For you guys who grew up in the 1990s and caught Arn Anderson's run with the stud stable, did you know he was in the stud stable before the horsemen? Really funny interviews here with him and his group, including Ron Fuller. Arn's got a cool hat, too. They call Mr. Olympia pea head. They harp on that one, and at one point Arn asks how can he say he has a body, because he barely has a head.

    Ron Fuller is Robert Fuller/Parker's brother. He was the original Tenesee Stud. Jimmy Golden is their cousin, and was later known as Bunkhouse Bunk.

    Good stuff.
    Last edited by Benjamin Button; 06-25-2019 at 03:35 AM.

  31. #71
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    God, the Stud Stable won't leave me alone! In MLW, in the '94 WCW I'm watching, now this. Who knew that stable would have such longevity? Great find.

  32. #72
    https://youtu.be/G0VgymgKGS8



    Man, I always loved the song "the Wanderer". Wasn't until I saw this promo that I realized it was a prophecy!


    So much Ric Flair wealth around this time!
    Last edited by Benjamin Button; 08-03-2019 at 01:37 AM.

  33. #73
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    God, is there anything better than promos on that old NWA set?

  34. #74
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    Can't really call Savage rare or underappreciated, but this is one of his better ones from the way up, which I think was really the best promo run of his career.




    "The worst moron is the one too stupid to realise they're a moron."

  35. #75
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    Absolutely my favorite time for Savage promos. He was almost always fun but the raw energy and charisma through this whole period is just off the charts.

  36. #76
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    I'm going through all the WWE Network archives in chronological order, and am in late 1985 currently. And Macho Man's character work REALLY stands out. I was too young, and only got into WWF while he was a babyface, probably during the MegaPowers era (those are my earliest memories). But his introduction, how he worked the heel managers, introduced Elizabeth, did his promos, and the best highlights are his sitdown interviews with Vince and Lord Alfred on TNT have been the best part of all I've seen. He was a great heel, but you can see why he'd turn face eventually. He was teaming with Jesse Ventura for a bit and the way they complimented each other was astounding. Lots of this era's programming was lacking, but Macho Man really was a star in the making, and it's nice to watch organically after the fact.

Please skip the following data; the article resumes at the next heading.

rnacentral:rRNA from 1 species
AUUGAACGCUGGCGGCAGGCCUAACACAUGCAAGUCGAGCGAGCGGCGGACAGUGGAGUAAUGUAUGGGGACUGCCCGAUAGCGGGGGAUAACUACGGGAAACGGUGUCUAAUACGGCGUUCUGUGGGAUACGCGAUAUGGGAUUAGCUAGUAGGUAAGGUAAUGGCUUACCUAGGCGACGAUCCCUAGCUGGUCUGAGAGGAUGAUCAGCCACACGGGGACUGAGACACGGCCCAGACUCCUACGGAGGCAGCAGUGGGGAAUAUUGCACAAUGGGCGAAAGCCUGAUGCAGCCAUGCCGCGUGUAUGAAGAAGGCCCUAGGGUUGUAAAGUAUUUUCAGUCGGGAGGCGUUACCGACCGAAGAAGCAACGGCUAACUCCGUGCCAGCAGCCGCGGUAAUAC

37. #77
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    I absolutely love the TNT segment just before the Elizabeth reveal where Heenan, Blassie, and Jimmy Hart are all trying to convince Savage to be their client.

  38. #78
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    Managers vying for a key free agent's talents is a great trope that you don't see anymore because of the lack of suitable managers. I'm just too young to remember them doing this with Savage, BUT, just a few years later they did they same thing with Bam Bam Bigelow when they brought him in and similarly he chose none of the above and brought Sir Oliver Humperdink in. Nowhere near the same effect, obviously, but if memory serves me correctly it was looking like Slick was all lined up to be Bigelow's manager and then they introduced Humperdink. Great TV with a great build and it made someone's arrival feel that much more special.

  39. #79
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    BK, closest we might get to that today is if all 3 TV brands for WWE have a GM who are looking to sign someone. Or maybe the Raw and SD GM are vying to sign an NXT talent... obviously not the same, but seems the most likely way we might reenact that awesomeness.

  40. #80
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    Quote Originally Posted by BK-097 View Post
    Managers vying for a key free agent's talents is a great trope that you don't see anymore because of the lack of suitable managers. I'm just too young to remember them doing this with Savage, BUT, just a few years later they did they same thing with Bam Bam Bigelow when they brought him in and similarly he chose none of the above and brought Sir Oliver Humperdink in. Nowhere near the same effect, obviously, but if memory serves me correctly it was looking like Slick was all lined up to be Bigelow's manager and then they introduced Humperdink. Great TV with a great build and it made someone's arrival feel that much more special.
    Ah that's such good shit! I mean Humperdink never seemed like a good fit, but the angle itself was solid. Along the same line I remember when Andre dropped Heenan they made a show of all the other heel managers trying to acquire him, but since Andre was a face again one by one he turned them down and usually make fools of them in the process. He never even wrestled again in the WWF but it was still a fun angle while it lasted.